puritanical

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He was a gentleman of great wealth, who agreed with the Puritans in their religious opinions," answered Grandfather.
These verses were not excellent--very far from it; but as it is well known, the Puritans did not pique themselves upon their poetry.
Her voice, of immense power and sublime expression, gave to the rude, unpolished poetry of these psalms a magic and an effect which the most exalted Puritans rarely found in the songs of their brethren, and which they were forced to ornament with all the resources of their imagination.
I've remarked that your Puritans revel in that color.
I have heard, that whenever the descendants of the Puritans are to show the spirit of their sires, the old man appears again.
Into this festal season of the year -- as it already was, and continued to be during the greater part of two centuries -- the Puritans compressed whatever mirth and public joy they deemed allowable to human infirmity; thereby so far dispelling the customary cloud, that, for the space of a single holiday, they appeared scarcely more grave than most other communities at a period of general affliction.
The impression of its actual state, at this distance of a hundred and sixty years, darkens inevitably through the picture which we would fain give of its appearance on the morning when the Puritan magnate bade all the town to be his guests.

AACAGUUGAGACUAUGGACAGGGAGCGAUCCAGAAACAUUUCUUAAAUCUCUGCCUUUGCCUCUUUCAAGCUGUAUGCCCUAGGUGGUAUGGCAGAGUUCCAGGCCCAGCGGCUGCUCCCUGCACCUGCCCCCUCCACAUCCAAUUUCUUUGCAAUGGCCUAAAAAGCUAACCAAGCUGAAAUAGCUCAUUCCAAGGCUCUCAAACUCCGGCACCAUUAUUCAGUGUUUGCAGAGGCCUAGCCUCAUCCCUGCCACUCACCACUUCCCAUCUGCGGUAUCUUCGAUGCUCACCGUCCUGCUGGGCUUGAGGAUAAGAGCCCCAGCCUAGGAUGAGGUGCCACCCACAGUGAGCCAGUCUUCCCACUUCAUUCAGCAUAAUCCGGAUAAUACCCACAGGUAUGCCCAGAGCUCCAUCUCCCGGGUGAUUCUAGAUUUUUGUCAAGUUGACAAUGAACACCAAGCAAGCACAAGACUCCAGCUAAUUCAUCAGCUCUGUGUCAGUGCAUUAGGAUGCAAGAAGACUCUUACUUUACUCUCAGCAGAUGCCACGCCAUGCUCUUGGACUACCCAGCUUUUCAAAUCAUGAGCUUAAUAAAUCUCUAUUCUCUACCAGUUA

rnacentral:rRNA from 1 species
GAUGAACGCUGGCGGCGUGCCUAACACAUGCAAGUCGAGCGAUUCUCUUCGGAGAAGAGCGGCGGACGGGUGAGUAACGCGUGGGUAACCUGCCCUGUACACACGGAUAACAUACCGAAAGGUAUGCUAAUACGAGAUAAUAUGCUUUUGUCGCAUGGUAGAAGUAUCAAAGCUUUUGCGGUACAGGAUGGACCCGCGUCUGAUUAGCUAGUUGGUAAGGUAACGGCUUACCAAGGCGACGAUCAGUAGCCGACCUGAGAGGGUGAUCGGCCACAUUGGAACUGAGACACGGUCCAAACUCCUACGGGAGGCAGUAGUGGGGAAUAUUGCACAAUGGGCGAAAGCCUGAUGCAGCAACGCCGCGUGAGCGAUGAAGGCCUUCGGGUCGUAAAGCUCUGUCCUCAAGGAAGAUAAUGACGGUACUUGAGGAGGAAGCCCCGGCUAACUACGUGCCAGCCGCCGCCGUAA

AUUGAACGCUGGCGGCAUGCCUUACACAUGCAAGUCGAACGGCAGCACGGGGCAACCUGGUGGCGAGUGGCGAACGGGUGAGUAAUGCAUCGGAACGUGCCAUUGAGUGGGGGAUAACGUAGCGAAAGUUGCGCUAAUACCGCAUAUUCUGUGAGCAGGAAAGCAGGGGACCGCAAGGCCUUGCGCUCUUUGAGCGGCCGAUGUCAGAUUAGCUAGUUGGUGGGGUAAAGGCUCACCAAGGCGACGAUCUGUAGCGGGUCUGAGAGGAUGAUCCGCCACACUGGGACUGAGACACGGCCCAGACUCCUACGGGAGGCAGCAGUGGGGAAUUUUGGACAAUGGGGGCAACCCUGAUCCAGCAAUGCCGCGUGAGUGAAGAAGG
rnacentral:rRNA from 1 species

The iron-hearted Puritan, the relentless persecutor, the grasping and strong-willed man was dead
The popular imagination, indeed, long kept itself busy with the affair of the old Puritan Pyncheon and the wizard Maule; the curse which the latter flung from his scaffold was remembered, with the very important addition, that it had become a part of the Pyncheon inheritance.
In fact, he showed more of the Pyncheon quality, and had won higher eminence in the world, than any of his race since the time of the original Puritan.
She shows very clearly how court sermons--closely in line with the King's own views--were used as part of a "successful propagandist strategy aimed at silencing the moderate Puritan voice within the Church" (7).
Their book quoted a famous passage in Tocqueville's Democracy in America; "I think I see the whole destiny of America contained in the first Puritan who landed on those shores.